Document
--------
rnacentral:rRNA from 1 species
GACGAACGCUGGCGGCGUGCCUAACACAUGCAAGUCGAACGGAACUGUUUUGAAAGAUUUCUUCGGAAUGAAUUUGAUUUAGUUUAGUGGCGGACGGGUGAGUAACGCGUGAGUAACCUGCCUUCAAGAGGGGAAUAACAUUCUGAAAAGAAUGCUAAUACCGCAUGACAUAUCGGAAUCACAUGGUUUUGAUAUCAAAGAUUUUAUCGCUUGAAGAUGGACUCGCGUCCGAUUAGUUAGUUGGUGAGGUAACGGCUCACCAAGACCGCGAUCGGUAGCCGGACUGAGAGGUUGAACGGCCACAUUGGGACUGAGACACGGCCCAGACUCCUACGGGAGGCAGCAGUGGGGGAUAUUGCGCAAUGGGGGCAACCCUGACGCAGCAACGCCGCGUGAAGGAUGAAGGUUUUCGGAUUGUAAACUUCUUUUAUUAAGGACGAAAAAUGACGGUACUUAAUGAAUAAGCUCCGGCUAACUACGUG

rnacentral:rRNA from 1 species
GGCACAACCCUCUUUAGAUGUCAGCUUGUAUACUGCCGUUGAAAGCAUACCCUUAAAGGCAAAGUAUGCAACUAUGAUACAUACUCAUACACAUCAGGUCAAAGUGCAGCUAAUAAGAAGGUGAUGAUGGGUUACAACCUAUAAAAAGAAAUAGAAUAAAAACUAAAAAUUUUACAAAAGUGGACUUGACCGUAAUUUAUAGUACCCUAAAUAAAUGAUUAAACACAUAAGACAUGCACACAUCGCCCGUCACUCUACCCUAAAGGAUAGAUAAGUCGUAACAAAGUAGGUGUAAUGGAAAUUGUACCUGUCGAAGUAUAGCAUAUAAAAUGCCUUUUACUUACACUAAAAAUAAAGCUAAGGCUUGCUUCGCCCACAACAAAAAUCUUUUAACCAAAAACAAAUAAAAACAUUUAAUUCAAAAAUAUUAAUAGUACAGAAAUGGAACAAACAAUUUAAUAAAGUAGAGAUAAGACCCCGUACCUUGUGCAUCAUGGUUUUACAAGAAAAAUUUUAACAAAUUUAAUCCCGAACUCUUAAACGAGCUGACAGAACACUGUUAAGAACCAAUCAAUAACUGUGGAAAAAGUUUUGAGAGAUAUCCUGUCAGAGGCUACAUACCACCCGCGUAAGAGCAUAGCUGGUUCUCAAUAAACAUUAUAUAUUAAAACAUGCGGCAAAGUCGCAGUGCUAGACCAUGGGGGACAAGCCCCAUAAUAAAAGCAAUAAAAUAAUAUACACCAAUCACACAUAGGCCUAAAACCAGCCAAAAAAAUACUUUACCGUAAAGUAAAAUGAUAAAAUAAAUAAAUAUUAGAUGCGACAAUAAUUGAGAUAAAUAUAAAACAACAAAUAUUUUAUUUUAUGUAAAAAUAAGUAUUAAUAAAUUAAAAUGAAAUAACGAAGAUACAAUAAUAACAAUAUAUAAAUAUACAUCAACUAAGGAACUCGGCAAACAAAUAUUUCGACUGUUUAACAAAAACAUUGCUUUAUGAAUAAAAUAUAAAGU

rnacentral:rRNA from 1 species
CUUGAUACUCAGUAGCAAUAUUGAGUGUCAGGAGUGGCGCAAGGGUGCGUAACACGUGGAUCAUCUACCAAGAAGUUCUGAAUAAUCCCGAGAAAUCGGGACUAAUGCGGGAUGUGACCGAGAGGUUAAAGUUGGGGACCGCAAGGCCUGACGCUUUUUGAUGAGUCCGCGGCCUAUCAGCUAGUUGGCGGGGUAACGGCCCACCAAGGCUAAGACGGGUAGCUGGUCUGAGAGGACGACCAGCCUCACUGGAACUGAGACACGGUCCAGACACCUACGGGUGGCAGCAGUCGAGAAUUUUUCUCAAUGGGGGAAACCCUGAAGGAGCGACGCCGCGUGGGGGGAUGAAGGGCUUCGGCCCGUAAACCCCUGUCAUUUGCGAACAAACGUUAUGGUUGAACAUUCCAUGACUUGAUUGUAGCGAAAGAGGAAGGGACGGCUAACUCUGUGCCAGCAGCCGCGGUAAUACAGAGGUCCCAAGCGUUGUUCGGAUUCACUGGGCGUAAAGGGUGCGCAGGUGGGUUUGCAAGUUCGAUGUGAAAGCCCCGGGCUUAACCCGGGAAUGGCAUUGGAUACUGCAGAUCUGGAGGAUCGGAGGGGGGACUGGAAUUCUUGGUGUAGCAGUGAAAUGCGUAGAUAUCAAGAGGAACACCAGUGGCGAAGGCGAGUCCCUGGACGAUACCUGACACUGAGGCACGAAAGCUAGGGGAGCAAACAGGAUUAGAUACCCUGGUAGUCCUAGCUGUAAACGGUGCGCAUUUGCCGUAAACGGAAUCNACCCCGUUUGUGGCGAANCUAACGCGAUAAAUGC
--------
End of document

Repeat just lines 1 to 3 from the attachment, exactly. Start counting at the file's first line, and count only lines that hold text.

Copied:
rnacentral:rRNA from 1 species
GACGAACGCUGGCGGCGUGCCUAACACAUGCAAGUCGAACGGAACUGUUUUGAAAGAUUUCUUCGGAAUGAAUUUGAUUUAGUUUAGUGGCGGACGGGUGAGUAACGCGUGAGUAACCUGCCUUCAAGAGGGGAAUAACAUUCUGAAAAGAAUGCUAAUACCGCAUGACAUAUCGGAAUCACAUGGUUUUGAUAUCAAAGAUUUUAUCGCUUGAAGAUGGACUCGCGUCCGAUUAGUUAGUUGGUGAGGUAACGGCUCACCAAGACCGCGAUCGGUAGCCGGACUGAGAGGUUGAACGGCCACAUUGGGACUGAGACACGGCCCAGACUCCUACGGGAGGCAGCAGUGGGGGAUAUUGCGCAAUGGGGGCAACCCUGACGCAGCAACGCCGCGUGAAGGAUGAAGGUUUUCGGAUUGUAAACUUCUUUUAUUAAGGACGAAAAAUGACGGUACUUAAUGAAUAAGCUCCGGCUAACUACGUG

rnacentral:rRNA from 1 species